Question about beaming with the CHN-70 - diyAudio
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Old 24th September 2014, 05:14 PM   #1
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Default Question about beaming with the CHN-70

I haven't seen any posted info about dispersion pattern of the CHN-70 yet. Is it something that I should just measure myself? I assume with a 7cm cone it won't be that bad?

A friend is asking about me building him a speaker that works for both mid-field and near-field listening and I was pondering putting two CHNs in each box (with a switchable cap across the second one). He had expressed concern about too narrow of a sweet spot with his old speakers, and this got me wondering what would happen if I put the two CHNs horizontally on the baffle and put a slight convex curve to the baffle (say 15deg)? Would this smear any centre image or would it help to widen the sweet spot? Obviously this wouldn't do much with the cap switched on, but with it turned off (so full signal gets to both drivers) what can I expect from this baffle arrangement?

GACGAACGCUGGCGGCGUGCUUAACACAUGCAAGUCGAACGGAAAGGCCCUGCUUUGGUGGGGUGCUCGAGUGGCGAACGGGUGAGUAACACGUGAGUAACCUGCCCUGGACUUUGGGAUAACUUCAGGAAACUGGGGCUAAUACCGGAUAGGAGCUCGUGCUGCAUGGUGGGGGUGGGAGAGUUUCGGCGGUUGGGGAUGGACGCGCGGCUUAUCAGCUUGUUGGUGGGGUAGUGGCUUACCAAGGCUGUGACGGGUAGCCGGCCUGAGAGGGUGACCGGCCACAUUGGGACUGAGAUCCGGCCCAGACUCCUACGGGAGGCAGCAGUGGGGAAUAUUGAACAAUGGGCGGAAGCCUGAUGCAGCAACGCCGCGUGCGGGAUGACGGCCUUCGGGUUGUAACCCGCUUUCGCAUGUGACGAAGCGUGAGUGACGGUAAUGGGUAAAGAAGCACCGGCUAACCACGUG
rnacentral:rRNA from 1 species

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Old 26th September 2014, 02:05 PM   #2
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Yeah it's weird that Mark choose not to include off-axis curves in the data sheet as he use to do with the other drivers. But the off axis behavior should be pretty similar to the first generation CHP 70, seeing as the cone seems to be about the same size and shape.

I would just put two unrestrained CHN 70s in a regular 90 cab and be done with it.
Wall reflections and the good off-axis behavior of Marks drivers should take care of the rest for you.
Also at 90 the wavefronts won't cancel or interfere at the cabinet level because they are approximately perpendicular to each other.
The old Epicure Micro Tower just used that very same approached.

Last edited by Squeak; 26th September 2014 at 02:30 PM.
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Old 27th September 2014, 05:55 AM   #3